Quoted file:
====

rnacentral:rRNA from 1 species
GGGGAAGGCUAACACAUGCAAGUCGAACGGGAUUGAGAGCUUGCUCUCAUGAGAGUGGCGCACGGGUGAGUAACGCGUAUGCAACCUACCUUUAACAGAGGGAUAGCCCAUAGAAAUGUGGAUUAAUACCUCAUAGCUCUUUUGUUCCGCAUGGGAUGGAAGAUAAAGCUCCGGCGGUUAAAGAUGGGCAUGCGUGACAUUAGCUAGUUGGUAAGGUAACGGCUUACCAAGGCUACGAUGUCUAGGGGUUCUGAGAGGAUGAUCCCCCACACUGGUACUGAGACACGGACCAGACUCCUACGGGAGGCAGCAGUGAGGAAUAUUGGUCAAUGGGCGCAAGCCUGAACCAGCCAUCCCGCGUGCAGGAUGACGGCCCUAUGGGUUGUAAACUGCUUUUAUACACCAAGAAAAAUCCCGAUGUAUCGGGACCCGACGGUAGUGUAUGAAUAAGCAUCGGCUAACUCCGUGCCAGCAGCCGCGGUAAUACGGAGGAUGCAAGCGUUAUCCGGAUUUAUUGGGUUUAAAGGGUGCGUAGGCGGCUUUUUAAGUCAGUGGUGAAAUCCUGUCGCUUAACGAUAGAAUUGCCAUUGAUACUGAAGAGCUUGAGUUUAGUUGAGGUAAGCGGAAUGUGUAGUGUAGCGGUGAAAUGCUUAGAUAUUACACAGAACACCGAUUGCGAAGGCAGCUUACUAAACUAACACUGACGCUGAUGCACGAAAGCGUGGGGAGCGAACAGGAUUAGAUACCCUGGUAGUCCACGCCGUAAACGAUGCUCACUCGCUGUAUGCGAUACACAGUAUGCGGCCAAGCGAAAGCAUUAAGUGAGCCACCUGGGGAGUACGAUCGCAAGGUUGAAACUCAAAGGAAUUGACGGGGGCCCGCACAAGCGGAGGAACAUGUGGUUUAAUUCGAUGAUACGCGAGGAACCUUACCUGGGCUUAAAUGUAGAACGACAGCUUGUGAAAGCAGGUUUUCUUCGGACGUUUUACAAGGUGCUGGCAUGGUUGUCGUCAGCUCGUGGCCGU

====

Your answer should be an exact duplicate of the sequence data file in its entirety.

rnacentral:rRNA from 1 species
GGGGAAGGCUAACACAUGCAAGUCGAACGGGAUUGAGAGCUUGCUCUCAUGAGAGUGGCGCACGGGUGAGUAACGCGUAUGCAACCUACCUUUAACAGAGGGAUAGCCCAUAGAAAUGUGGAUUAAUACCUCAUAGCUCUUUUGUUCCGCAUGGGAUGGAAGAUAAAGCUCCGGCGGUUAAAGAUGGGCAUGCGUGACAUUAGCUAGUUGGUAAGGUAACGGCUUACCAAGGCUACGAUGUCUAGGGGUUCUGAGAGGAUGAUCCCCCACACUGGUACUGAGACACGGACCAGACUCCUACGGGAGGCAGCAGUGAGGAAUAUUGGUCAAUGGGCGCAAGCCUGAACCAGCCAUCCCGCGUGCAGGAUGACGGCCCUAUGGGUUGUAAACUGCUUUUAUACACCAAGAAAAAUCCCGAUGUAUCGGGACCCGACGGUAGUGUAUGAAUAAGCAUCGGCUAACUCCGUGCCAGCAGCCGCGGUAAUACGGAGGAUGCAAGCGUUAUCCGGAUUUAUUGGGUUUAAAGGGUGCGUAGGCGGCUUUUUAAGUCAGUGGUGAAAUCCUGUCGCUUAACGAUAGAAUUGCCAUUGAUACUGAAGAGCUUGAGUUUAGUUGAGGUAAGCGGAAUGUGUAGUGUAGCGGUGAAAUGCUUAGAUAUUACACAGAACACCGAUUGCGAAGGCAGCUUACUAAACUAACACUGACGCUGAUGCACGAAAGCGUGGGGAGCGAACAGGAUUAGAUACCCUGGUAGUCCACGCCGUAAACGAUGCUCACUCGCUGUAUGCGAUACACAGUAUGCGGCCAAGCGAAAGCAUUAAGUGAGCCACCUGGGGAGUACGAUCGCAAGGUUGAAACUCAAAGGAAUUGACGGGGGCCCGCACAAGCGGAGGAACAUGUGGUUUAAUUCGAUGAUACGCGAGGAACCUUACCUGGGCUUAAAUGUAGAACGACAGCUUGUGAAAGCAGGUUUUCUUCGGACGUUUUACAAGGUGCUGGCAUGGUUGUCGUCAGCUCGUGGCCGU